Diversifying our Economy

I believe that Trenton’s economic prospects are both under-stated and under-rated.  To change that, and to grow our private business sector:

  • We need a deliberate focus on retaining and expanding those businesses already in Trenton. 
  • We must attract and nurture small companies by creating a business environment that appeals to the start-up community, offering the networking, mentoring and other amenities they look for. 
  • We must also seek to attract mid-sized and large firms. In the first 100 days of my administration, I will begin a schedule of meetings with site selection firms, those professionals that advise corporations as they decide where to place their facilities and where they will expand.  These meetings will provide opportunities both to tell our story, and to benefit from a clear-eyed view of where our best prospects lie.


Getting the Basics done and done well

Cities large and small, are feeling market momentum; they are being recognized as sustainable, livable, and as the preferred choice for people who want a more active lifestyle.  Trenton has extraordinary assets in its parks, housing stock, transit, waterfront.  The state of our streets and the attractiveness of our streetscapes, the efficiency of our inspectors, the quality of our water, the preparation of our workforce: all of these factors form the foundation on which we will build a better local economy.  Quality services, delivered consistently, are the measures used by companies that can bring jobs.  I will:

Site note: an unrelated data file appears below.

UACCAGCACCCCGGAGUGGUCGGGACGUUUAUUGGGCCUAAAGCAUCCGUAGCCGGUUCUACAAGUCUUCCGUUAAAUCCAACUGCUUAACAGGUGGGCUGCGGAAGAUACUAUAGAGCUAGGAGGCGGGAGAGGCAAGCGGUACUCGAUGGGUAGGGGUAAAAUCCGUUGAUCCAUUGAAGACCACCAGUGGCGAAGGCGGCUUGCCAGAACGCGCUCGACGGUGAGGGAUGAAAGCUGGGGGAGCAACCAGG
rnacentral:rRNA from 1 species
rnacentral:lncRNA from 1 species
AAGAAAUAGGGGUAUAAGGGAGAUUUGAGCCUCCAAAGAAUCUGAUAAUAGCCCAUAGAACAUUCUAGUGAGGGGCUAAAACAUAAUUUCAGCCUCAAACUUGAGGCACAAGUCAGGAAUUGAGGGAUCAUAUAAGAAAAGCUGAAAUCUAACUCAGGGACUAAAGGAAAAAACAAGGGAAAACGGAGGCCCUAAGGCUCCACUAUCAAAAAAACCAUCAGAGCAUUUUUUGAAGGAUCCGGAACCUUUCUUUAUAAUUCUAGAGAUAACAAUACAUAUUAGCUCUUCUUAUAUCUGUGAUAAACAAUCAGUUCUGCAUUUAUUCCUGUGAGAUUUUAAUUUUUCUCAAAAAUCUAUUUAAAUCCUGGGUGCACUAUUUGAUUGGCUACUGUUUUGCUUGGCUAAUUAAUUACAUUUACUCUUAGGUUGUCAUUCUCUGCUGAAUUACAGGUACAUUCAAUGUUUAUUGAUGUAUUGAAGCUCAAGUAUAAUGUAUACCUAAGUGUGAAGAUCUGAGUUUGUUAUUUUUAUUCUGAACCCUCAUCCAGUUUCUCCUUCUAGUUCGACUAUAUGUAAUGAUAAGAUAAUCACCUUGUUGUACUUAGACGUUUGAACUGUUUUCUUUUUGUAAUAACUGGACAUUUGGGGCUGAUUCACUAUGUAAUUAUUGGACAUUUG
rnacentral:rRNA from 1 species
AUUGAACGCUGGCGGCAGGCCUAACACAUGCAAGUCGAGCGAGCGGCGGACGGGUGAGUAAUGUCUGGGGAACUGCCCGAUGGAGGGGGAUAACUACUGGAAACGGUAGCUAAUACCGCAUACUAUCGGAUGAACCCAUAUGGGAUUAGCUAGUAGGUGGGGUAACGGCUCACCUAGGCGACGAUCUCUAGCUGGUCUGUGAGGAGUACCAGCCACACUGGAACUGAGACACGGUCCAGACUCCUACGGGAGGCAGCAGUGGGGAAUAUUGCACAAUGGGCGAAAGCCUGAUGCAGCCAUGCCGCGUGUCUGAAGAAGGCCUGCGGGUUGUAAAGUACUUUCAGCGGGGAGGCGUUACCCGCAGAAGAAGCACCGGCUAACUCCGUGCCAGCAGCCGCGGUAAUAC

• Establish a 3-1-1 phone system to allow for 24-7 reporting of complaints and concerns that strives for rapid response and resolution, allowing residents to cut through red tape and help return properties to the tax rolls.
  • Create a dedicated vocational school for Trenton, and increase options at Mercer County Community College, to help students and residents get the training necessary for crucial, front-line city jobs.
  • Make sure that Trenton has the inspectors, meter attendants, public works employees — and the tools — necessary to start raising revenues, cleaning our streets, and filling in our potholes. Now. 


As the assets and advantages of cities are being revalued, Trenton, building a reputation as a city that works hard and works smart, can attract businesses and new residents.


Collaboration within our Region

Trenton plays an integral role within the Mid-Jersey regional economy. Many Trentonians work outside of the City and many non-residents come to our city each day for employment. We provide water to several neighboring municipalities. We happily share arts and cultural resources that are the envy of many of our suburban neighbors. I will actively seek collaborations with Mercer County Mayors for problem solving and cross promotions. We must collaborate to compete, thereby lifting our entire region as a thriving, successful economic force.